[0008] Although it is envisaged that the aerial monitoring described above will be conducted by helicopter, it is possible that this technology may be used as part of an unmanned tower lookout system. Furthermore, as technology improves it may be possible to do the aerial monitoring described above by airplane or even by satellite. At the present time a helicopter is more practical due to constraints relating to camera range and the speed that video pictures can be taken during flight.

BRIEF DESCRIPTION OF THE DRAWINGS

[0009] These and other features of the invention will become more apparent from the following description in which reference is made to the appended drawings, the drawings are for the purpose of illustration only and are not intended to in any way limit the scope of the invention to the particular embodiment or embodiments shown, wherein:

[0010]FIG. 1 is a perspective view of an aircraft monitoring a utility line in accordance with the teachings of the present invention.

[0011]FIG. 2 is a schematic view of equipment configured in accordance with the teachings of the present method.

DETAILED DESCRIPTION OF THE PREFERRED EMBODIMENT

[0012] The preferred method of aerial monitoring of forests will now be described with reference to FIGS. 1 and 2.

[0013] Referring to FIG. 1 there is provided a method of aerial monitoring of forests 10 which involves examining a forest 10 from above with a camera 12 that capable of capturing a thermal image. Camera 12 has a resolution of at least 460×460 pixels, to determine reflective qualities of trees in forest 10, said reflective qualities being indicative of moisture content. Referring to FIG. 2, in the illustrated embodiment, camera 12 is a dual sensor camera which has both a thermal image sensor 16 capable of capturing a thermal image and a daylight image sensor 18 capable of capturing a daylight image, such that the camera 12 contemporaneously takes the thermal image and the daylight image. Camera 12 has a daylight image resolution of greater than 700 lines. In the illustrated embodiment, a global positioning system (GPS) 13 is incorporated with camera 12. Referring to FIG. 1, with aerial monitoring of forests 14, conditions conducive to fire can be identified before a fire actually occurred by viewing the thermal image. By viewing the daylight image, areas in which erosion, weed control, and health of the trees due to disease is of concern or in which pigmentation, foliage and growth of a healthy forest 10 are of a concern can be evaluated. Global positioning system 13 helps to precisely identify the coordinates of the physical location where the thermal image and daylight image are captured by camera 12.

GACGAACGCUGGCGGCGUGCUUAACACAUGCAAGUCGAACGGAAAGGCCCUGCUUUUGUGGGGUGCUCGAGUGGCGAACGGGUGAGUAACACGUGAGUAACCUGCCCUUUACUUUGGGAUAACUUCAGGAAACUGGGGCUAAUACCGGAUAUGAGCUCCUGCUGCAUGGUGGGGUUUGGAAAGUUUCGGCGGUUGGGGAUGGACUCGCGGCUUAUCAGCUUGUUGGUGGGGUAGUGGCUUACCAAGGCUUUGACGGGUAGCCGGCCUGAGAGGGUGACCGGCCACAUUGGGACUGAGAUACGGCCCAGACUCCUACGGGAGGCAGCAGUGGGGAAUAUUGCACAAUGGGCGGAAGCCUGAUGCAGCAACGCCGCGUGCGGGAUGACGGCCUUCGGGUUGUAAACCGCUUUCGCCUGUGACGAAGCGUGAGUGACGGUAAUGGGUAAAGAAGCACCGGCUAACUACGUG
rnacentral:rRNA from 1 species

[0014] Referring to FIG. 1, in the illustrated embodiment, aerial monitoring of forest 10 is accomplished by mounting dual sensor camera 12 on airplane 14. It will be appreciated that aerial monitoring could also be accomplished from an unmanned lookout tower, a helicopter or satellite as well. Where airplane 14 is used, airplane 14 is flown above forest 10, such that dual sensor camera 12 is able to simultaneously capture the thermal image and the daylight image.